The use of a testamentary trusts for estate planning has been common practice for many Perth business families.  The testamentary trust has fantastic taxation, asset protection and estate planning flexibility.

However from 1 July 2019 the government is intending to strip down the tax benefit that people enjoy in a testamentary trust.

However to understand what taxation benefit that testamentary trusts are losing it is firstly important to understand what the current tax benefit of a testamentary trust – regardless of whether you are in Perth or across regional WA.

Taxation of a child’s income

If a child generates taxable income from working that income as taxed in the same way as everybody else.  So a 15 year old who makes, say $9k, working at the local supermarket will enjoy that income completely tax free.  In fact that teenager can earn around $21,500 and not incur income tax.

Stopping tax avoidance

However if a child makes income from investments the government treats the taxation treatment very differently.  In effect the income is taxed in a similar way to a tax avoidance scheme and it is taxed at the highest tax rate.

So if a baby say made, $100,000, by share trading: that income of the child would be taxed at 47%.  And it would be relatively easy to setup a share trading account as the trustee for an infant.

So the concept itself is relatively simple.  If the income of the child is “real” income then the child is taxed just like the rest of us.  However if the income is effectively manufactured then that income is taxed at penalty tax rates – simply to take away the incentive for tax accountants across Perth and further afield.

An inheritance is different

However if the monies generated by a child is from investment income of a deceased estate the government treats this differently.  That income is clearly not “fake” – the child has acquired an asset at a young age and it is unfair for the government to tax that child simply because they are young.

This creates an opportunity for a testamentary trust.  Because you practically cannot give a $1m inheritance to (say) a baby.

What is a testamentary trust?

And quite often the inheritance will be for the benefit of several family members.  So if a decision is made for the estate to be bequeathed to the family at large, with a bit of discretion each year on who should benefit, then we have a “testamentary trust”.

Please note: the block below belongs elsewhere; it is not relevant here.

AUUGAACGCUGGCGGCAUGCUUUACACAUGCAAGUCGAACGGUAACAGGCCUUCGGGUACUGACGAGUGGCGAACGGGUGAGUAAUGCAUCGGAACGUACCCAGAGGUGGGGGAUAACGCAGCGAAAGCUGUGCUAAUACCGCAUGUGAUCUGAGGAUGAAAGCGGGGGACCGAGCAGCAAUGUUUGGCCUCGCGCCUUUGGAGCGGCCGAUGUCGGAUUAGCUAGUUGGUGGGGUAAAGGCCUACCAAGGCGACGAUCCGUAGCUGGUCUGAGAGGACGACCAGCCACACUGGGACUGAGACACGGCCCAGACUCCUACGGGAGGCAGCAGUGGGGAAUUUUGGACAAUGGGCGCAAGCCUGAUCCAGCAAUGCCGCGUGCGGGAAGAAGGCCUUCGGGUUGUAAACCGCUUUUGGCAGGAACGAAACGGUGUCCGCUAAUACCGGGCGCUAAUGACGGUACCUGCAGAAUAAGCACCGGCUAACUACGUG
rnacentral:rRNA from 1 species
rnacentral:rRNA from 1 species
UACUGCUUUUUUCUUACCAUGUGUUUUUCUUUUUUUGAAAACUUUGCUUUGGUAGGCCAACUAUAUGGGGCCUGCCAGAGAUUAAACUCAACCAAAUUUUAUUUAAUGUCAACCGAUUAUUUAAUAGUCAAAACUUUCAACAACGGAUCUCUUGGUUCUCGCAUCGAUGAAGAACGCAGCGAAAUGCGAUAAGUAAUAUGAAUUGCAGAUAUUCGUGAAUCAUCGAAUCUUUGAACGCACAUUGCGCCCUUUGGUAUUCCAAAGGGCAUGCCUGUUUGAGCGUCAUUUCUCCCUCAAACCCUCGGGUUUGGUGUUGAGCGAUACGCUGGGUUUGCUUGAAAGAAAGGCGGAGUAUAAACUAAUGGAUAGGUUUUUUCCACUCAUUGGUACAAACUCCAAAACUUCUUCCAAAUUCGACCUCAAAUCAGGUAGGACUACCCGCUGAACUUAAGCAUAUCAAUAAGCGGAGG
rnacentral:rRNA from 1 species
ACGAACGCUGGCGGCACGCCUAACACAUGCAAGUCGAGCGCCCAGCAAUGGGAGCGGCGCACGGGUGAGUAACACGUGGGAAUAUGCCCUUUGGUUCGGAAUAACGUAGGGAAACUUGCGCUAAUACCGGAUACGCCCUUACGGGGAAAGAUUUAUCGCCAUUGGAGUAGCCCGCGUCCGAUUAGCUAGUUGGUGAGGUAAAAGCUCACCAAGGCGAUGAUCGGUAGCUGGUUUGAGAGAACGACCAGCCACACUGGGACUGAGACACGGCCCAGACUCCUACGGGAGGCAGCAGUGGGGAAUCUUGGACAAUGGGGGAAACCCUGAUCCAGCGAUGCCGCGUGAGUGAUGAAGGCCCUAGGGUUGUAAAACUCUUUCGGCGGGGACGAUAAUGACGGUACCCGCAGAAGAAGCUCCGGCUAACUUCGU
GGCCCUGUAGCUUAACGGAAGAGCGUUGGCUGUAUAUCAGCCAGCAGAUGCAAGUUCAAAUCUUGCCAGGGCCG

Essentially a testamentary trust is a trust created on death. The word “testamentary” is derived from the latin word “testāmentārius” which means “belonging to a will”.

So if say, $1m (earning 5%), was bequeathed to a testamentary trust: the trustee can choose to benefit an adult on the highest tax rate that income or it could be split among three children.

If the trustee chose to allocate the income among the three children no income tax would arise.  If that same income was allocated to an adult around $23,500 in tax would originate.

The government proposal

The government intends for the tax exemption to only apply to the original asset that was bequeathed to the testamentary trust on death or its subsequent proceeds from disposal.

Sadly there is not (yet) legislation on the proposal.  And for an asset like say, a house, the tracing is really quite simple.  If the house is sold the tax exemption is lost.

Potential problems

However the practical application of the law is more complex.  In effect what looks like an integrity measure might require a tracing of the fund monies from the original starting date to prove the “pure” element of the trust assets.

Further, if the testamentary trust is purchasing fund assets of related parties there could quickly be a mixing of trust assets with “outside assets”.  This might ultimately end up with a “superannuation like” standards on the operation of the testamentary trusts.

Essentially if a literal interpretation of the government budget takes place many testamentary trusts, or their intended uses, will become less effective from a taxation perspective.

Watch out for the law

If the government intends to carry through with the law it will be necessary to review estate plans and the current tax profile of assets within the estate plans.  The tax strategy of a deceased estate might be to lean towards “stickier” assets that move less often; ensure the estate is not transferring assets around internally or taxation structuring strategy might be to bequeath tax entities to the testamentary trust so that the original asset (say a company) with the testamentary trust is unchanged but the assets inside the tax entity can change.

What is important is that the tax advisors helping business families across Perth will need to be aware of these changes and how it works within the overarching succession strategy of those businesses.  This cannot yet be done as the black letter law has not yet been issued: and we have a short window of time to become prepared.

At Westcourt we are fortunate to have worked with many great estate planning lawyers, family business advisors and investment advisors to collaborate on succession and estate plans.  However the ongoing and yearly management of an estate plan is critical to ensure that the family business legacy is effectively transferred.

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